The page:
12 December 2022 |
SPOKANE, WASHINGTON – Douglas Brant, 56, was killed during a home health visit with a patient on December 1, 2022. His career as a caregiver with Providence Home Health spanned approximately two decades and he was well-known among the patients. That Thursday, Brant was conducting a standard visit with his patient, Jean Chandler, to check on her progress after a recent stroke. Jean lived in her mobile home with Willard, her husband, and Mitchell, the couple’s grandson.
An article by Nurse.org shares details from the police report. During the visit, Brant was in the living room talking with Jean and Willard, while Mitchell was nearby cooking in the kitchen.
Jean described that after talking for about an hour with Brant, she heard “three loud booms” and Brant said, “I’ve been shot.” Brant put his computer down, and tried to stand up, but fell to the ground. Willard tried to help him, then went to get Mitchell for help. At that point, Mitchell walked into the living room from the kitchen and shot Brant again while standing over him. Jean attempted to talk to her grandson, but he walked away without speaking and left the house, according to her recollection.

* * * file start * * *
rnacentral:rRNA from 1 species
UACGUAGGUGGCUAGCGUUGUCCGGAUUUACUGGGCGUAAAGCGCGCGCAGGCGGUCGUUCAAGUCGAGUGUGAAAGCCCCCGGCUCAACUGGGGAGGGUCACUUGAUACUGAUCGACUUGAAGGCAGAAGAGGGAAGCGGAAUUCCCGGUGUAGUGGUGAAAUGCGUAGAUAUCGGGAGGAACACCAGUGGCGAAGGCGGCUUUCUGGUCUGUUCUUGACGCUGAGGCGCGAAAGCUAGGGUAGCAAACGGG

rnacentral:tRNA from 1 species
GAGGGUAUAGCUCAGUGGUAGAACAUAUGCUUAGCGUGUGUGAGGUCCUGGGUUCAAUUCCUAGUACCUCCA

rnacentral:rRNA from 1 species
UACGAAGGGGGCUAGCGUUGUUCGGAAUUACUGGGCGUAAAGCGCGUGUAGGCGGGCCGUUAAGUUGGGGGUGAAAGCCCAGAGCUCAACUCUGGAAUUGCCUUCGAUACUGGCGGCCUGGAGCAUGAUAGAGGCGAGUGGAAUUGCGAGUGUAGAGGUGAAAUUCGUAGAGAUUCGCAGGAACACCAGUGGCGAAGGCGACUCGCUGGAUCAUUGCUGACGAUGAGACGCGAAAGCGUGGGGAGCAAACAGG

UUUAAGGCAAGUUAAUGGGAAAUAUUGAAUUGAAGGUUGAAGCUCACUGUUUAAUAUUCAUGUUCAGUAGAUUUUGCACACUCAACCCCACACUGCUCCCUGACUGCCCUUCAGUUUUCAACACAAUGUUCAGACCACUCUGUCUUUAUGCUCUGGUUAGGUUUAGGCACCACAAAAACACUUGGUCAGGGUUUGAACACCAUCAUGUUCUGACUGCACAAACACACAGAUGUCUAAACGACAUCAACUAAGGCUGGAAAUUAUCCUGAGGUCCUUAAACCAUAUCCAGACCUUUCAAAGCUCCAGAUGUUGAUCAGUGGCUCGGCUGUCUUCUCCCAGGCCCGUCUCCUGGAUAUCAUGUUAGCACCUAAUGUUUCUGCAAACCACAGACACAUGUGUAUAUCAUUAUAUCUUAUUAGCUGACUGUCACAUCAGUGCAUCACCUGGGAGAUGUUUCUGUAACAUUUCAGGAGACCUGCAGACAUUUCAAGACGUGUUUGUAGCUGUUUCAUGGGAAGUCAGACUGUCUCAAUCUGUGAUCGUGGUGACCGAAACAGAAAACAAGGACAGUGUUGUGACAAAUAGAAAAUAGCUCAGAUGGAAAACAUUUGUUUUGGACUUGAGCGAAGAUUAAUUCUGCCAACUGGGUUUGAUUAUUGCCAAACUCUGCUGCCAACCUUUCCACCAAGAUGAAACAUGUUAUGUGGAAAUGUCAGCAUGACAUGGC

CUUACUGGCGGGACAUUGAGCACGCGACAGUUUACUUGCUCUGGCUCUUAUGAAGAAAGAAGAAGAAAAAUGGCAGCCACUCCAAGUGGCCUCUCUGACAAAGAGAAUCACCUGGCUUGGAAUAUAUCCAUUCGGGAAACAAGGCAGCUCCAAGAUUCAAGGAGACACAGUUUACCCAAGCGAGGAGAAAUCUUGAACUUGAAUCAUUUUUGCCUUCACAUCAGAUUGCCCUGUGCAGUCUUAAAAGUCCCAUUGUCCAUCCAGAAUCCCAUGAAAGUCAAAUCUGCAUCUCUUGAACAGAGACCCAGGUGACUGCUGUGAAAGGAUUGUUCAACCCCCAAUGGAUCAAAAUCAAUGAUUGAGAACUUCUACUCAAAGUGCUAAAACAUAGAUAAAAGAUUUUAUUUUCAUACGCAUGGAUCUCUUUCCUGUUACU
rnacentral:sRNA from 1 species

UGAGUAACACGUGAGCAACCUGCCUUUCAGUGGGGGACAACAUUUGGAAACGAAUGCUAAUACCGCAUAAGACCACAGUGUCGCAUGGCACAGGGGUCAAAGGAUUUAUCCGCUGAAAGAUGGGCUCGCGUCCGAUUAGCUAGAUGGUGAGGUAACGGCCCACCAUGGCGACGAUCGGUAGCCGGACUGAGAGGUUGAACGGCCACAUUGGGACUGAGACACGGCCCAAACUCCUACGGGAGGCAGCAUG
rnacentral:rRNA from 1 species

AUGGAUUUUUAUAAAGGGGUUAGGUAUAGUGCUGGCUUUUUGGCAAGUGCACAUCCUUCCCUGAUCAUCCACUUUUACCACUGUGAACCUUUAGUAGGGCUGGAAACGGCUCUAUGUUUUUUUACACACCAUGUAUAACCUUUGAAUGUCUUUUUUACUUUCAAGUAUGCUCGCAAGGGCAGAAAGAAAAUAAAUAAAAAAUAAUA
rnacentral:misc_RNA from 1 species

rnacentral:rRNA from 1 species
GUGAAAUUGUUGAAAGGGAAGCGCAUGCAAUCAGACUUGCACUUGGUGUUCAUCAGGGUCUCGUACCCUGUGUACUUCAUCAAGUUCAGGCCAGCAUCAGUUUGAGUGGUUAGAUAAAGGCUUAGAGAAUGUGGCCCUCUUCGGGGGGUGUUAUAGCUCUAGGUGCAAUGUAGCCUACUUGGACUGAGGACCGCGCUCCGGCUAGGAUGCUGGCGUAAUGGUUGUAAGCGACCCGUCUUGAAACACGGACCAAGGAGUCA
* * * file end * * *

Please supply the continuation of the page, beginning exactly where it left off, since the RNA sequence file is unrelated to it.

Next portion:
Mitchell was apprehended by police 20 hours later on skis taken from a nearby storage unit, and charged with Brant’s death. His grandmother testified that he had previous brain injuries from bull-riding and was paranoid, but opposed to taking medications. He had also been arrested for assaulting a veterinarian, and for threatening to shoot developers at a construction site.
Brant held the position of treasurer with the Washington State Nurses Association (WSNA), and the organization released a statement saying they are “heartbroken” by the loss. According to KREM2 News, he also was very active in his local church. He ran the audio board every Sabbath at Upper Columbia Academy Church outside of Spangle and taught kids how to play guitar at Upper Columbia Academy.
Pastor Kevin Wilfley was Brant’s pastor at the church and shared that they were saddened for his loss. “We spent some time this past weekend in our church service talking about why bad things happen and how to deal with them,” Wilfley said. “We should never take people for granted. Love the people in your family, don’t put off caring for them, and give the compliments that they need to hear because you never know when you won’t have that opportunity.”